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Environmental fate & pathways

Biodegradation in water and sediment: simulation tests

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Description of key information

A discussion of biodegradation in sediment is presented.

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Muir et al.(1989). The tri-m-cresyl phosphate tested was 14C-labelled mixed with purified non-labelled tri-m-cresyl phosphate. The sediment samples used in the study were collected from a eutrophic farm pond and the Red River, Winnipeg (both samples were from agricultural areas remote from industry). The pond sediment consisted of 75 per cent clay, 24 per cent silt and one per cent sand and had an organic carbon content of 3.7 per cent and a pH of 7.6 and the river sediment consisted of 48 per cent clay, seven per cent sand and 43 per cent silt and had an organic carbon content of 2.3 per cent and a pH of 7.7.


The aerobic sediment experiments were carried out using loosely capped flasks (static test) or in respirometer flasks with air flowing through the system (1-2 ml/minute). The sediments incubated under anaerobic conditions (in respirometer flasks under a nitrogen flow (1-2 ml/minute)) were amended with one per cent by weight of microcrystalline cellulose to provide an additional source of carbon. The degradation experiments were carried out using around 10 g (dry weight) of sediment in dechlorinated water (sediment:water ratios of either 1:10 (static test) or 1:20 (respirometer flask)). Each sediment sample was pre-incubated for 21 days at the intended experimental temperature prior to the addition of the test substance. The concentration tested was either 0.1 mg/l (static test) or 0.05 mg/l (respirometer flasks) and the substance was added as 0.1 ml of a solution in acetone. All experiments were carried out in duplicate for up to 64 days and sterile controls were also run to investigate the abiotic degradation of tri-m-cresyl phosphate under the conditions used. The aerobic experiments were incubated with a 16:8 hours light:dark photoperiod (using low intensity light) whereas the anaerobic experiments were incubated in darkness. The microbial biomass present in the test systems was between 9×106 to 32×106 colony forming units (CFU)/g in the experiments with river sediments. The microbial biomass present in the aerobic pond respirometer sediments was found to decline from 42×106 CFU/g to 0.3 CFU/g over the 64-day period. The total microbial biomass (aerobic and facultative anaerobic heterotrophs) present in the N2-purged respirometer experiments was 5.3×106 CFU/g after 3 to 8 days and 24×106 after 30 to 40 days, but the number of strict anaerobes present was around eight to 40 times less, and so the incubations were not strictly anaerobic.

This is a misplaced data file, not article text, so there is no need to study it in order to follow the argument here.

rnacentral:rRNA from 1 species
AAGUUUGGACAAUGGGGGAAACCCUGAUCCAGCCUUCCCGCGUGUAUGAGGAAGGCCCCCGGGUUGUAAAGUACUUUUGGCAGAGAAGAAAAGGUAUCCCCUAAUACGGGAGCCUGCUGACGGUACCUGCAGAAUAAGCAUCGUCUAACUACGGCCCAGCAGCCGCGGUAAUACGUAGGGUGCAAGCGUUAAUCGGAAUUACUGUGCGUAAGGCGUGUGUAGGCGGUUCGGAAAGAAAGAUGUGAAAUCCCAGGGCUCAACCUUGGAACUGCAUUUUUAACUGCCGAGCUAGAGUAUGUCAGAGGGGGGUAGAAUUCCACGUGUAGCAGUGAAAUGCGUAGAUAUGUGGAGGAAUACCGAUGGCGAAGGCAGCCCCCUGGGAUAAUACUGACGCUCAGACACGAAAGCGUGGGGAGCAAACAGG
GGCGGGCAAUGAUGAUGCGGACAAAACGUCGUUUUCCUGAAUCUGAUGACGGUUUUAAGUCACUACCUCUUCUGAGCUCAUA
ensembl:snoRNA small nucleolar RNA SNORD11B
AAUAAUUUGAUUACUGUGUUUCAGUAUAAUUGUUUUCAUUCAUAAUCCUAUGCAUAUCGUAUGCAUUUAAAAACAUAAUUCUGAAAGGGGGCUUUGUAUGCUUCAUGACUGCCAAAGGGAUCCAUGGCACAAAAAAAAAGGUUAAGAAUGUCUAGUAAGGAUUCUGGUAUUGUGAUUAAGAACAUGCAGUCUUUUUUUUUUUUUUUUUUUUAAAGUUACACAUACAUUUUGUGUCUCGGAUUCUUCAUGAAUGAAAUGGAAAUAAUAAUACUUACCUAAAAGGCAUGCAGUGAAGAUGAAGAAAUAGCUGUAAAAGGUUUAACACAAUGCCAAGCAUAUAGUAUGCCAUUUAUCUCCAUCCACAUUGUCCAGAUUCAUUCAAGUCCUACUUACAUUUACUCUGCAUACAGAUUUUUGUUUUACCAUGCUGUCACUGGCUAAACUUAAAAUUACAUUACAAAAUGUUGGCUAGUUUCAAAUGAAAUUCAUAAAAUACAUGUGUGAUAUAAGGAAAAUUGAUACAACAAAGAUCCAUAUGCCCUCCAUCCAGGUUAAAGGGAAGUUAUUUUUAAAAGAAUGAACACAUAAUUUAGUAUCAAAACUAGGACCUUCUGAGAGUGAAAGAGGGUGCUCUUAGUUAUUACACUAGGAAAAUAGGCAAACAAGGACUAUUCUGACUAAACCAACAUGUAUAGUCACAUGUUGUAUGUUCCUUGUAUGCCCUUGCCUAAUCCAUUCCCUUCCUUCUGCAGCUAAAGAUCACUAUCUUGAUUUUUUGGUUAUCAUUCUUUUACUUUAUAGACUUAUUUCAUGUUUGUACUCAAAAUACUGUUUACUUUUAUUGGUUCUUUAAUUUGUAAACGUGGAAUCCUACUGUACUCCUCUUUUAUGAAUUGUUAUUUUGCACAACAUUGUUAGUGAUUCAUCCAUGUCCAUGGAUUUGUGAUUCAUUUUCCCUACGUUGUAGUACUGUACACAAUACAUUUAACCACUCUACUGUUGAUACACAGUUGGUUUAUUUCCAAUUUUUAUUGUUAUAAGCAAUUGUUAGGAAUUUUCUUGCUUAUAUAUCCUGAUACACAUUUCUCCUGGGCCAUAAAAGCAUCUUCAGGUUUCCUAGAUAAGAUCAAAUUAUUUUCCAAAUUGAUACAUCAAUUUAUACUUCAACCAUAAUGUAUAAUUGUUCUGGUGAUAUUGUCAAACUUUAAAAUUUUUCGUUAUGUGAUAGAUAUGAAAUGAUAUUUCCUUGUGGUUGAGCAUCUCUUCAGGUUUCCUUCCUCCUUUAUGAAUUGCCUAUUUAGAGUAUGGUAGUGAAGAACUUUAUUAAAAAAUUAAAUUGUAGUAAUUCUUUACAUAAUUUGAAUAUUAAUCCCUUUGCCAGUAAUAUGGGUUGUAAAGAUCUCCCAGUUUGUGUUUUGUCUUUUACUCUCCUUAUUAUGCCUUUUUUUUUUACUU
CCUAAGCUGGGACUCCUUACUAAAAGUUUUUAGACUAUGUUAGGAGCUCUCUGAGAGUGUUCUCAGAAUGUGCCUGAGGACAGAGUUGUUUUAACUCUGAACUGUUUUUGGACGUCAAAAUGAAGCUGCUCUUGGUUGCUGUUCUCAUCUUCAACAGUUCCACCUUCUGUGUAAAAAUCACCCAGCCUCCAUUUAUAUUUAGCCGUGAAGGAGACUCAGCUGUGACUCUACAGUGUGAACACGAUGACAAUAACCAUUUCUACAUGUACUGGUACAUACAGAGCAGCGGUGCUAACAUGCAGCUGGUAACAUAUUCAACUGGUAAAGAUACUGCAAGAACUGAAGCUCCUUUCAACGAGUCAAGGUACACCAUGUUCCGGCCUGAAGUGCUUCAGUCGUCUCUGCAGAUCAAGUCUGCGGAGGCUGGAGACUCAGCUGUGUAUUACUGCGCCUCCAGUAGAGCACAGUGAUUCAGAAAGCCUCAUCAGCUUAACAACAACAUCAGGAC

The results show extensive degradation of tri-m-cresyl phosphate in the study. Initially, most of the tri-m-cresyl phosphate added to the system adsorbed onto the sediment phase but by the end of the experiment the amount of extractable radioactivity associated with the sediment phase had decreased substantially. Detailed analysis of the sediment extracts indicated that the major portion of the extractable radioactivity was as unchanged tri-m-cresyl phosphate, with low levels of degradation products, including di-m-cresyl phosphate, also present.


Biodegradation of tri-m-cresyl phosphate therefore proceeded rapidly in river and pond sediments, at temperatures (10 and 25°C) and redox conditions typical of aquatic environments in North America and Europe. About 5-fold slower degradation was observed at 2°C which suggests that phosphate esters will persist in sediments during winter months in northern latitudes. The results confirm previous studies indicating that increasing alkyl substitution on the phenyl groups or at the phosphate ester linkage leads to decreasing biodegradability.